for the love of selfies

For the love of selfies
Wikimedia Commons

It could be that residents of Tel Aviv are just happy people or possibly oozing with self-confidence, but now there is actual data proving their commitment to sharing their personal lives via social media. Time Magazine surveyed instances of selfies (self-portraits shot at arm’s length with a mobile phone) originating from the top 100 cities in the world, or those with more than 250,000 residents. The study ranked each city according to the number of selfies shared on Instagram, which also posts the individual’s location. While Tel Aviv took the sixth slot of selfie takers with 139 for each 100,000 residents frequently posting selfies, Jerusalem did not make the cut at all. Makati City and Pasig in the Philippines topped the list at 258 for each 100,000 residents and Manhattan came in second with 202 per 100,000.

Selfies on the Run

Keeping in that Tel Aviv tradition, Maccabi Tel Aviv player Eran Zahavi surprised fans when he was so excited during a game on March 17 against Hapoel Tel Aviv that he snapped a series of selfies while running the length of the pitch. No, he didn’t have a camera on him at that moment, but he grabbed one from a nearby photographer.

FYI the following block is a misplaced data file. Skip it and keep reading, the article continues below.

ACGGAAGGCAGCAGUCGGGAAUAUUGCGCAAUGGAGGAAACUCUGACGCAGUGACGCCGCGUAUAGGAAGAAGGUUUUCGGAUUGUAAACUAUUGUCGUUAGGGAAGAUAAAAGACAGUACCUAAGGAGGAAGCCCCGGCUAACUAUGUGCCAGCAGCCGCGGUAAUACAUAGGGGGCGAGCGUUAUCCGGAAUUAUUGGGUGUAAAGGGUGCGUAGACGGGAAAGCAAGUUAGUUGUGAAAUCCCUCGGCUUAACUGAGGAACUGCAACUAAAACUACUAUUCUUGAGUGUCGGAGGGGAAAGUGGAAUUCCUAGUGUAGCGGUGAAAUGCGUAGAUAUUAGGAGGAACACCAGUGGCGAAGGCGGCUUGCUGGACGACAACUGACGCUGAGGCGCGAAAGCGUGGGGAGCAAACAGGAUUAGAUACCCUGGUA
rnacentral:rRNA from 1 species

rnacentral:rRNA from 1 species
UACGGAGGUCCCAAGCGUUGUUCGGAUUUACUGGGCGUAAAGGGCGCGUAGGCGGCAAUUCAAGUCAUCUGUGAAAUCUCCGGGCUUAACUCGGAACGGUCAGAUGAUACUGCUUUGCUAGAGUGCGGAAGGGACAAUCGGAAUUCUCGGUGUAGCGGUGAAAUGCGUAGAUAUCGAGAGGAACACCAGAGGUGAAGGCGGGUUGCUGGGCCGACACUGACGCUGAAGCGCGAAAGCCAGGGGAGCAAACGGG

Mobile Phones with Double Lenses

Israeli startup Corephotonics is working hard to close the gap in quality between shots taken with a mobile phone and those of a standard camera. According to Gal Shabtay, who cofounded the company and is its director of development, the zoom function on mobile phones is the biggest drawback that results in fuzzy selfies. A good zoom requires a thick lens, which mobile phone manufacturers are reluctant to install. Corephotonics is working on a patented technology that will consist of a mobile phone camera with two lenses. One will have a distant and narrow field of vision while the other will be broad and close up. Taking information from both lenses to create one photo should provide real zoom functionality in a cellular camera.